3 Dating Lessons I Didn't Learn From Books
Before I started dating, I thought I’d already mastered it. I’d read the right books, so I knew how to avoid making all the mistakes. I was only going to have one boyfriend. My first kiss would be at the altar. Since I was going to exhibit stellar judgment, I would never experience—or cause—heartache.
My story played out differently. A few guys I turned down became obsessive and unstable; one of them hurt me physically. Later, my first boyfriend broke my heart. I broke other hearts. My first kiss took place in a driveway.
I’m in my second serious relationship now, and God has taught me so much. Here are three things I didn’t learn from books:
1. You aren’t damaged goods.
After I was hurt, I felt dirty and soiled. After my ex-boyfriend’s first kiss was planted on my mouth, I felt like I had to marry the man who kissed me. After I loved fully once (and lost), I felt cheapened. I was told that if you “give your heart away” but you don’t marry the person you gave it to, the heart you give your future spouse will be less than whole; the specter of the man you loved before him will always linger, even on your wedding day.
Sister, it isn’t just that you aren’t damaged goods. The truth is even more freeing: you aren’t goods. You’re a person, not a commodity. The girl whose first kiss takes place at the altar isn’t worth more. The girl who has never been hurt isn’t “purer.” The girl who marries her first love doesn’t have a better heart to give her husband. Where did these ideas even come from? I can assure you of this: you won’t be able to find them in your Bible.
God is in the business of redeeming all things
What you will find is that none of us come to the altar “perfect.” Because we live in a fallen world, we can never be perfect women, perfect girlfriends, perfect wives. Maybe you’ve been sinned against, and maybe you’ve sinned. Either way, we don’t see a commandment against “emotional baggage” in Scripture. What we do see is the clear message that God is in the business of redeeming all things (Rom. 8:28), and He is ready and willing to make us more like Him (Phil. 1:6). Following “the rules” is no guarantee of a perfect marriage, because again—perfect is unattainable.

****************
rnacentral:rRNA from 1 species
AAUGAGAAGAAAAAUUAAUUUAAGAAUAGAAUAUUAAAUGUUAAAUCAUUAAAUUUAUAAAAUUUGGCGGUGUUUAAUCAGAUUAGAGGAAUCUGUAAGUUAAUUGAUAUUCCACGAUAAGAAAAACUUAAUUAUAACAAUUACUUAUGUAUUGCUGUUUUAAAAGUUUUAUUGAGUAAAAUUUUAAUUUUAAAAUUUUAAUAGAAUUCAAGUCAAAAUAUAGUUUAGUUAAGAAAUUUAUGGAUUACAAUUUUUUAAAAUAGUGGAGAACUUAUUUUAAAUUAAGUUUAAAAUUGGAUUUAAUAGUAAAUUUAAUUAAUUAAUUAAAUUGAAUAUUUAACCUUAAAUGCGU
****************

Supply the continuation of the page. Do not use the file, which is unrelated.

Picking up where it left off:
God heals. Do you believe this? God restores. Our physical experiences don’t define our worth. And if you’ve “given your heart” to someone in the past, you haven’t signed up for a lifetime of shattered intimacy in the future. You will love again, and you will do so with a whole heart. That’s the way love works.
2. Boundaries are important—not just the sexual kind.
The only boundaries I’d heard about were strictly sexual, but other boundaries are equally important to establish. Does the guy you’re dating respect your thoughts and feelings? Is he controlling or manipulative? What is his temper like when you disagree with him about something? Do you feel safe with him? Does he listen to you when you say no?
This applies to the pre-dating phase, too. I’ve experienced my fair share of pursuit from “pushy” guys. Pushiness is not leadership. It doesn’t matter if he’s a pastor, if he’s in seminary, or if he can quote the Bible backwards and forwards. If you don’t feel comfortable with a man’s pursuit for any reason, and you clearly tell him “no,” he needs to respect you enough to listen.
3. Healthy relationships require listening—and vulnerable, honest, hard conversations.
Facebook photos and dreamy engagement stories don’t tell you the full story; healthy relationships don’t just happen. They’re sustained. We have scads of attention (and books) focused on what not to do in dating. The advice on what to do is more scant.
Listening well may be the cardinal rule of loving communication. James 1:19 seems to agree: “My dear brothers and sisters, take note of this: Everyone should be quick to listen, slow to speak and slow to become angry.”
You can’t deal with something unless it’s in the light.
Coming together with another individual—an individual with a different past, different family, different personality, different profession, and any number of other differences—means the perfect cocktail for misunderstandings, even with the best intentions. While an immature communicator may resort to passive aggressive conflict management techniques, a wise listener asks for clarification instead of making harmful assumptions. Wise people ask questions before drawing conclusions.
After listening attentively, direct communication, motivated by love, is one of the most singularly helpful practices my boyfriend and I share. We prefer straightforwardness (even when it hurts) over mind games, guessing at motives, eggshells, avoidance, and excessive tact. You can’t deal with something unless it’s in the light. Ephesians 4:25 says it like this: “Therefore, having put away falsehood, let each one of you speak the truth with his neighbor, for we are members one of another.”
What about you? Have you learned any lessons about love and dating in the laboratory of life instead of in books?
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